Department reported on Tuesday the import-price index, measuring the cost of
goods ranging from Canadian oil to Chinese electronics, rose 0.9 percent m-o-m
in December, following a revised 0.2 percent m-o-m gain in November (originally
a 0.1 percent m-o-m uptick). This was the largest monthly advance since August.
Economists had expected prices to increase 0.7 percent m-o-m last month.
According to the report, the December gain was driven by higher prices for both fuel (+7.8 percent m-o-m) and nonfuel (+0.4 percent m-o-m) imports.
Over the 12-month period ended in December, import prices fell 0.3 percent, due to a tumble in import fuel prices (-19.5 percent), which was partially offset by an increase in import nonfuel prices (+1.9 percent).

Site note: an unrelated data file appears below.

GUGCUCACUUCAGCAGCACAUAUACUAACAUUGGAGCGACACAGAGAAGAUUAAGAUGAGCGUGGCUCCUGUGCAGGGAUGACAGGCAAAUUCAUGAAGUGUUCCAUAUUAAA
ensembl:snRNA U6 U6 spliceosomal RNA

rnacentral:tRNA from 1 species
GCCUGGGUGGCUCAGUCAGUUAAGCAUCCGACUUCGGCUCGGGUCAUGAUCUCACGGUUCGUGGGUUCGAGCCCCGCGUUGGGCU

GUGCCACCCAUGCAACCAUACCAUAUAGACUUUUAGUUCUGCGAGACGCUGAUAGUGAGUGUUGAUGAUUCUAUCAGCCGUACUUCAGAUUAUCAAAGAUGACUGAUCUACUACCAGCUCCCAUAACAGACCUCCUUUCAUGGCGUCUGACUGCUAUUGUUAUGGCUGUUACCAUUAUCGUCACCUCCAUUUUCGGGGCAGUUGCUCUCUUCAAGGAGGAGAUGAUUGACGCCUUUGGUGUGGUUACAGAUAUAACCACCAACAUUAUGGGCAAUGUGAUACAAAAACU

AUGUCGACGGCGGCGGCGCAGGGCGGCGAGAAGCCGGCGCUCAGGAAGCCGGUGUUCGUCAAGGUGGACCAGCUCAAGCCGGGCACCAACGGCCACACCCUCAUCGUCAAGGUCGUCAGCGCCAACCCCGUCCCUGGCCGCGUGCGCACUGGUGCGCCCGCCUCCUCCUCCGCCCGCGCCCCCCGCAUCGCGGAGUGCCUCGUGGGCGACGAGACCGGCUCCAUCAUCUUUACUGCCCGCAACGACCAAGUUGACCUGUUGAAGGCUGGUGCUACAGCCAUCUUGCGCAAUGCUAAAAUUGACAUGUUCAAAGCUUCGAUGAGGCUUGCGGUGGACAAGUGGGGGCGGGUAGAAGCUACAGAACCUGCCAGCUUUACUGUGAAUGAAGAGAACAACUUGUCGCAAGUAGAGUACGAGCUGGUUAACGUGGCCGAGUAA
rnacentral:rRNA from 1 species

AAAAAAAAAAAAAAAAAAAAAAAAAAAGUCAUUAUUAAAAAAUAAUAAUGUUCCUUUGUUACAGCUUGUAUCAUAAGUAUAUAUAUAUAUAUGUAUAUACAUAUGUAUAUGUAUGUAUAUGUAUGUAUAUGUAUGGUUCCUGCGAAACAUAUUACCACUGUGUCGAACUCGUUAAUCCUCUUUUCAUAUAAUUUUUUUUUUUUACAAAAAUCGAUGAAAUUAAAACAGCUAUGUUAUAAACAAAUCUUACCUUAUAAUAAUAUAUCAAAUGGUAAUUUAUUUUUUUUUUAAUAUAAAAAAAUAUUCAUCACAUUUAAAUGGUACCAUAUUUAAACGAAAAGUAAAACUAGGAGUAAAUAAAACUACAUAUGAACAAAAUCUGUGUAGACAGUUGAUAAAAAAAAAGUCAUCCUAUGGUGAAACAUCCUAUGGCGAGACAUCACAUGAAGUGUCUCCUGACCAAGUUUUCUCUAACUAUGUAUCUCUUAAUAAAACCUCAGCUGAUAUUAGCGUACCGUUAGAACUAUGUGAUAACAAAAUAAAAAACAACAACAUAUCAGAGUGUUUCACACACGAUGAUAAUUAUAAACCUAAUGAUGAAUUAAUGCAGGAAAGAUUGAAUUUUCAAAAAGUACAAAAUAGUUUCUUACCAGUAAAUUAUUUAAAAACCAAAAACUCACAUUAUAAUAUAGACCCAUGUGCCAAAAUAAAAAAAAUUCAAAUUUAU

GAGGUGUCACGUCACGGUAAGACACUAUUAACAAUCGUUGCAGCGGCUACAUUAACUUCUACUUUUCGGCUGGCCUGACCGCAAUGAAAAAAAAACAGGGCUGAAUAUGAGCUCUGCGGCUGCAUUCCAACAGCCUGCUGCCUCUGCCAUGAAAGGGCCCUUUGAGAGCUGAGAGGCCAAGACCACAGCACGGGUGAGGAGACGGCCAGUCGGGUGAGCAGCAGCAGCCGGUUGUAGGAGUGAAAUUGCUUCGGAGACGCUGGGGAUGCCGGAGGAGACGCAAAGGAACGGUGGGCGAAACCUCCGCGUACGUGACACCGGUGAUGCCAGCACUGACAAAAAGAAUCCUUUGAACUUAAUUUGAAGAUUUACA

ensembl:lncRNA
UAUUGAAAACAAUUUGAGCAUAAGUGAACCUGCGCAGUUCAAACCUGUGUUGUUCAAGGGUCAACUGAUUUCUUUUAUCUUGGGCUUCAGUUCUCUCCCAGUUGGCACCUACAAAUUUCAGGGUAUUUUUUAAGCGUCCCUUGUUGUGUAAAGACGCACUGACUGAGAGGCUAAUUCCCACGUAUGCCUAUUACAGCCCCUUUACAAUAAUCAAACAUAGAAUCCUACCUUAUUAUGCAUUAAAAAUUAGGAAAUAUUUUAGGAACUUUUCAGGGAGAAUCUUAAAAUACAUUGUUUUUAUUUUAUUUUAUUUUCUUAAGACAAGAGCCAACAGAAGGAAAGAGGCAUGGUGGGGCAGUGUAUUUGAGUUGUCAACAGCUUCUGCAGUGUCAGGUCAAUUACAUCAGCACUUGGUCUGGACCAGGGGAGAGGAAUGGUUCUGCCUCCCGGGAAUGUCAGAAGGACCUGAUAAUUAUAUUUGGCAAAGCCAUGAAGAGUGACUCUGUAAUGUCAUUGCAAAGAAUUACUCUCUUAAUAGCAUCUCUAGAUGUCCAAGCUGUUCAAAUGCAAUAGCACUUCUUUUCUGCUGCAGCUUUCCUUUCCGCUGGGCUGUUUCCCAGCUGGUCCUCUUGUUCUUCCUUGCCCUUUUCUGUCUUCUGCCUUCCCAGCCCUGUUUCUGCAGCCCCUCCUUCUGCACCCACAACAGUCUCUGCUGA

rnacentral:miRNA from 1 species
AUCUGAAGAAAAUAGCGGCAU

Meanwhile, the price index for U.S. exports climbed 1.1 percent m-o-m in December, following a revised 0.7 percent m-o-m gain in the previous month (a 0.6 percent m-o-m advance). This was the largest one-month increase since a 1.8-percent rise in June. The December rise was driven by higher prices for both agricultural exports (+0.6 percent m-o-m) and nonagricultural exports (+1.3 percent m-o-m).
Over the past 12 months, the price index for exports rose 0.2 percent, reflecting a surge in prices of agricultural exports (+5.1 percent; the largest gain since June 2017), which more than offset a decline in nonagricultural export prices (-0.2 percent). That was the first 12-month advance since January.
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